§ MR. CARBUTT
asked the Secretary of State for the Home Department, If the following ease, reported in the "South Wales Daily Telegram," of November 15th, is correct:—Tredegar Petty Sessions.—Margaret Jane Evans, aged 11, William Cochlin, aged 11, Bridget Murphy, aged 11, Margaret Fordham, aged 12, William Edwards, aged 8, John Price, aged 8, Howell Thomas, aged 14, and Ann Price, aged 10, were summoned by Constable Vaughan for stealing coal. The Bench sent them to the lock-up for one day, which will be recorded as a conviction against them. It is sad to see such sights as these. The dock being quite full of delinquents so young that two of them, aged 6, were ordered to stand down;whether it be the fact that convictions will be recorded in these cases; and, whether he can relieve these children from the stigma of having a conviction recorded against them?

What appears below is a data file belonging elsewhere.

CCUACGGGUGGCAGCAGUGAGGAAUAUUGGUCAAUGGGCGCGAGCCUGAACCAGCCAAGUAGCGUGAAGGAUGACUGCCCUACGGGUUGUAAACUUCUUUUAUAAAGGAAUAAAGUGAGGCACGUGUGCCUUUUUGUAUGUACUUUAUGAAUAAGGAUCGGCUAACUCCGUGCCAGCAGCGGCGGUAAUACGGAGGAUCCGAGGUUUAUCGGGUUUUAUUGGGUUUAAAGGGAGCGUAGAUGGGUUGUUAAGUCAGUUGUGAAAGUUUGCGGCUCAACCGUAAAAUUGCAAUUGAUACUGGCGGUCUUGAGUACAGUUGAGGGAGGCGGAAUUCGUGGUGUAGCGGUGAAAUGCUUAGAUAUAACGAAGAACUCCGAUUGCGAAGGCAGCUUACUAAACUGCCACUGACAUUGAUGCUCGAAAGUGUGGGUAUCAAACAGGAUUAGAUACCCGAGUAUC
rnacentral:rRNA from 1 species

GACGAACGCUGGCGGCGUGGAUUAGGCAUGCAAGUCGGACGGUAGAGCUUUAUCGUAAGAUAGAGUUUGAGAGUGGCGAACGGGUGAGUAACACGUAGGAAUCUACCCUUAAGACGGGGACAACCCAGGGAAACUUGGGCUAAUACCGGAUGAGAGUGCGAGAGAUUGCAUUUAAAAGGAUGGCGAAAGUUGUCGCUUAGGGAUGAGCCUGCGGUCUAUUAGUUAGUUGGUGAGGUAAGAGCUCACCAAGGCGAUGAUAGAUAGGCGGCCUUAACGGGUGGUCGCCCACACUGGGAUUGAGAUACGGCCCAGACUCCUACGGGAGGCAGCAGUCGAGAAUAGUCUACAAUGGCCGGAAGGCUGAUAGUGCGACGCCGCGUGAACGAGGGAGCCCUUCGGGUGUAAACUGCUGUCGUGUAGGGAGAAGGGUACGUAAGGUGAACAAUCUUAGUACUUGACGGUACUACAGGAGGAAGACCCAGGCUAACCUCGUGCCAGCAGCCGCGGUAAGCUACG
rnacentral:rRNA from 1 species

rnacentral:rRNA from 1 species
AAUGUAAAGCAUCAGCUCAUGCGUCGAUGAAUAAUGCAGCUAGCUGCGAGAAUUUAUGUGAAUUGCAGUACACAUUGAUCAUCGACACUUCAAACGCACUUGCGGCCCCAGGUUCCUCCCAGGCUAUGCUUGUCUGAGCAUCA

§ SIR WILLIAM HARCOURT,
in reply, said, that the facts stated in the Report were probably correct. He, however, had no control over such cases. Everybody must regret that children of this tender age should be sent to prison; but those eases of coal stealing were connived at, if not instigated by, the parents, and. some mode of repression must be provided. One of the arrears of legislation was a measure which he hoped to introduce, whereby he hoped to get at the parents and impose fines upon them, which he believed would have far more effect than sending the children to prison.